At least it could be a long way from home for this Gulf Fritillary, although the species apparently has returned to the Sacramento area and recolonized after an absence of about 40 years. After I did a Google search (thank you, Google) to identify the butterfly I didn’t remember seeing before today, I learned that, according to UC Davis professor of Evolution and Ecology, Dr. Arthur Shapiro, this showy subtropical butterfly whose normal range is from the Southern United States south to Argentina first returned to the area just a few years ago. You can read more about the Gulf Fritillary here.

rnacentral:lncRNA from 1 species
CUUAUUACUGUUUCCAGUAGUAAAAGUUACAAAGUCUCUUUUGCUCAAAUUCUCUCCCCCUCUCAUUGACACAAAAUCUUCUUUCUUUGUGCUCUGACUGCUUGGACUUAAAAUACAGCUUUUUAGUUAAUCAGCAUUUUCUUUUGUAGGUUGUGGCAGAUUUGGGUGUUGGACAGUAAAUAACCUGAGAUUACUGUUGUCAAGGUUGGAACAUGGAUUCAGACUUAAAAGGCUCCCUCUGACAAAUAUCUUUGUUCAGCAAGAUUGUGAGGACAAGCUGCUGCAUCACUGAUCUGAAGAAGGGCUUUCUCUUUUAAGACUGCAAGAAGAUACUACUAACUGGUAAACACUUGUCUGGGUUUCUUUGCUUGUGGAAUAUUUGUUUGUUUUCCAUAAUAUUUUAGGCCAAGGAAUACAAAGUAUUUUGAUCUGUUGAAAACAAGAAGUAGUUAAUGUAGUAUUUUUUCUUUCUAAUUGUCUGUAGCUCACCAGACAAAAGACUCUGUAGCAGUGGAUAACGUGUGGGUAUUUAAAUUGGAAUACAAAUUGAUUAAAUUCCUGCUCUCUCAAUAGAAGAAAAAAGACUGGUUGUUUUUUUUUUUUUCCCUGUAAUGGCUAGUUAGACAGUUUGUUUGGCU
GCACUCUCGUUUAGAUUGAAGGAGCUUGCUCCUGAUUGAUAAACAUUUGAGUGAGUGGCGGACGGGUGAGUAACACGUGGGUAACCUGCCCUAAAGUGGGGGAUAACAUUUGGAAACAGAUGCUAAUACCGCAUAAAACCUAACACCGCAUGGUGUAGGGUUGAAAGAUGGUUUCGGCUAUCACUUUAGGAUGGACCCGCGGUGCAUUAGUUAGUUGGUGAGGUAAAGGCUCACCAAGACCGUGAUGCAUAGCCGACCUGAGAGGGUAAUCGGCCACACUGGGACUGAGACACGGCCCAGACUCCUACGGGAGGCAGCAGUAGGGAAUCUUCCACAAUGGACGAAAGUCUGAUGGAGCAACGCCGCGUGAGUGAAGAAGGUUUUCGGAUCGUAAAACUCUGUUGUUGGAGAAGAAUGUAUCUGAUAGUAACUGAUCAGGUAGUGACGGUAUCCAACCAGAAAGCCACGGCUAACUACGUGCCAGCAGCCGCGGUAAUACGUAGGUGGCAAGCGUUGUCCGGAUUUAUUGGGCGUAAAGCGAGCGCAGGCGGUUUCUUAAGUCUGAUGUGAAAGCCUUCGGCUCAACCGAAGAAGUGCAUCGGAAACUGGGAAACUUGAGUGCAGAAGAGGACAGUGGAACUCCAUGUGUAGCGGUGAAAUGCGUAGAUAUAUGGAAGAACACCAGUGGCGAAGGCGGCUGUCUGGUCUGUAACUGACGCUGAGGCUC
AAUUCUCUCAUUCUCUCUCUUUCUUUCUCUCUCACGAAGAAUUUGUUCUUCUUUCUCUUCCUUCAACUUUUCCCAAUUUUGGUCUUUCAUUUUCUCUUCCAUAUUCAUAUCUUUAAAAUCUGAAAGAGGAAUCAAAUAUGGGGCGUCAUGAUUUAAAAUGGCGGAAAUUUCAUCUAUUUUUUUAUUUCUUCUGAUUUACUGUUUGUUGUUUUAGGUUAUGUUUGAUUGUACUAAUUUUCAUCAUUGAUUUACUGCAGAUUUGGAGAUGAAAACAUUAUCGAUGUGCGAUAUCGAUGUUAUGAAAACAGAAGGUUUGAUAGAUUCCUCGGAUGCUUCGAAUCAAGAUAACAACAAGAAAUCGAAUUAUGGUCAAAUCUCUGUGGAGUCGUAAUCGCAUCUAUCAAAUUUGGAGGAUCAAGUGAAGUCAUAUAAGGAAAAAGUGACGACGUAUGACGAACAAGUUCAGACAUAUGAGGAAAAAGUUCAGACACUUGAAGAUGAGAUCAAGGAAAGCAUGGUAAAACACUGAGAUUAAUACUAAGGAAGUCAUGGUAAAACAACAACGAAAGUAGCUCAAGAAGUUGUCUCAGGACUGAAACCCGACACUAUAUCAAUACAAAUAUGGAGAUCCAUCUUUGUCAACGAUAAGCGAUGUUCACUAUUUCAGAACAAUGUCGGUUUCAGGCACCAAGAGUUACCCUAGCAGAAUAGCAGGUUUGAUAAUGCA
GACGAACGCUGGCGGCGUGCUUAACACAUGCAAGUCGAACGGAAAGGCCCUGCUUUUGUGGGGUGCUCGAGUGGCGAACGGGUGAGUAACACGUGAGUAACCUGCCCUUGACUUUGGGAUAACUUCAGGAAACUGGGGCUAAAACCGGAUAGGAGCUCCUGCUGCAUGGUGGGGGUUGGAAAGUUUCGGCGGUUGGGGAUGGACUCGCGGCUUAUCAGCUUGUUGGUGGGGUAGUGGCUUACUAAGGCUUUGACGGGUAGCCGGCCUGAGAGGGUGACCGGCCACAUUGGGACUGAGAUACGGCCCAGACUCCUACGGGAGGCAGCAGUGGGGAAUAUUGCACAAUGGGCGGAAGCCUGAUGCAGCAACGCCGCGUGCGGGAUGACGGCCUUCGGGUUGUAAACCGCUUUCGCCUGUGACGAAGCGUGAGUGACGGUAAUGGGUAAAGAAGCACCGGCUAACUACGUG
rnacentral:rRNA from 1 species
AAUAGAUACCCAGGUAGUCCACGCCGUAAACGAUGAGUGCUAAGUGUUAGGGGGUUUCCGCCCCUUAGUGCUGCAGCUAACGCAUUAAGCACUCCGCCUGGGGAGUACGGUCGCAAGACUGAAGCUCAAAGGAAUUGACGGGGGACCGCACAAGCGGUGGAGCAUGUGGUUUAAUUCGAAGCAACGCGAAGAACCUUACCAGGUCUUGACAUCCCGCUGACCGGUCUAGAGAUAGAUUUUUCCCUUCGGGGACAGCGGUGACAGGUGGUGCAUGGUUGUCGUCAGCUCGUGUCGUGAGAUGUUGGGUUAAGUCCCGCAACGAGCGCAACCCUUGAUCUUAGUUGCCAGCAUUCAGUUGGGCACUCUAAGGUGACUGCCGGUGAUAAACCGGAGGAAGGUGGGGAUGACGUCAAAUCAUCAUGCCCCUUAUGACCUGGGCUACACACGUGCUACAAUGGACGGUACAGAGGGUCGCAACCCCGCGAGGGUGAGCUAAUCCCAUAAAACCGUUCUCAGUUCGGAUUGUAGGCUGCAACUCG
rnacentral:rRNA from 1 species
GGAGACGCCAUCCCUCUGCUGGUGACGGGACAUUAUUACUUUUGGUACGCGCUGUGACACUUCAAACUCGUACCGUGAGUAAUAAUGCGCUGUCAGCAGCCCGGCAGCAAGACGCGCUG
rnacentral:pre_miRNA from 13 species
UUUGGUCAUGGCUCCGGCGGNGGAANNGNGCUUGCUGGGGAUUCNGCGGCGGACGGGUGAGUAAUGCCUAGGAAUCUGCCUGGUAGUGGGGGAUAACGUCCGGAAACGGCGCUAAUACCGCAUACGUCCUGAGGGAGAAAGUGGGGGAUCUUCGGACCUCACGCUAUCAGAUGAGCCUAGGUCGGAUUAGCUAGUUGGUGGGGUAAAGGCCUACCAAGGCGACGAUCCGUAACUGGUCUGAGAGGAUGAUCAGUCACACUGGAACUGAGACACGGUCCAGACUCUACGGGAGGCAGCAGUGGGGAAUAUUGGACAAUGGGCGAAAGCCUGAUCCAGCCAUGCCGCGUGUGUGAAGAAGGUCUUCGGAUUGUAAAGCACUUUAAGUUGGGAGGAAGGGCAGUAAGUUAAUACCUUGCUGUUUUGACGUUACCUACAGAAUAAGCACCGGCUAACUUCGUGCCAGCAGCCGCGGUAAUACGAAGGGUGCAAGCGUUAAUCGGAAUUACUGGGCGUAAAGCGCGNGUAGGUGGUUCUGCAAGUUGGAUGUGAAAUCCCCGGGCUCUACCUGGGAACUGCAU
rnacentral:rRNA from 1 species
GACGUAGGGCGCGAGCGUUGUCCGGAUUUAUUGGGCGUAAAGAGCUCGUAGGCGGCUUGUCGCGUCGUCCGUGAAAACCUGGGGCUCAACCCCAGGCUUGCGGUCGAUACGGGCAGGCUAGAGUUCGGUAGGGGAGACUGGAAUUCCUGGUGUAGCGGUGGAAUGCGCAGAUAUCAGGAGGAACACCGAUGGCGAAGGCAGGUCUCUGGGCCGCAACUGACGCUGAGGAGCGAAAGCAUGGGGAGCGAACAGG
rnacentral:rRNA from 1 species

When I planted my vegetable garden a couple of weeks ago, I also planted a butterfly bush and hoped to attract hummingbirds to it. So far I haven’t seen any of the hummers go to it but Saturday afternoon, while on the telephone with my friend Susan in Wisconsin, I saw an orange butterfly fly by and head straight to the butterfly bush. An aptly named plant I must admit. My D7100 with the 80-400mm lens was sitting on the kitchen table and the patio door was open to allow Mady to come and go as she pleased. I jumped up, grabbed the camera, cradled the phone between my shoulder and ear and managed to get several in focus shots. And, unlike many other butterflies that are very elusive and skitterish, the gulf fritillary is not readily spooked and I was able to step closer and closer. It finally left the butterfly bush and landed on the Spiraea where I captured a couple more shots. This butterfly’s wings have become a bit tattered but the colors are still quite brilliant.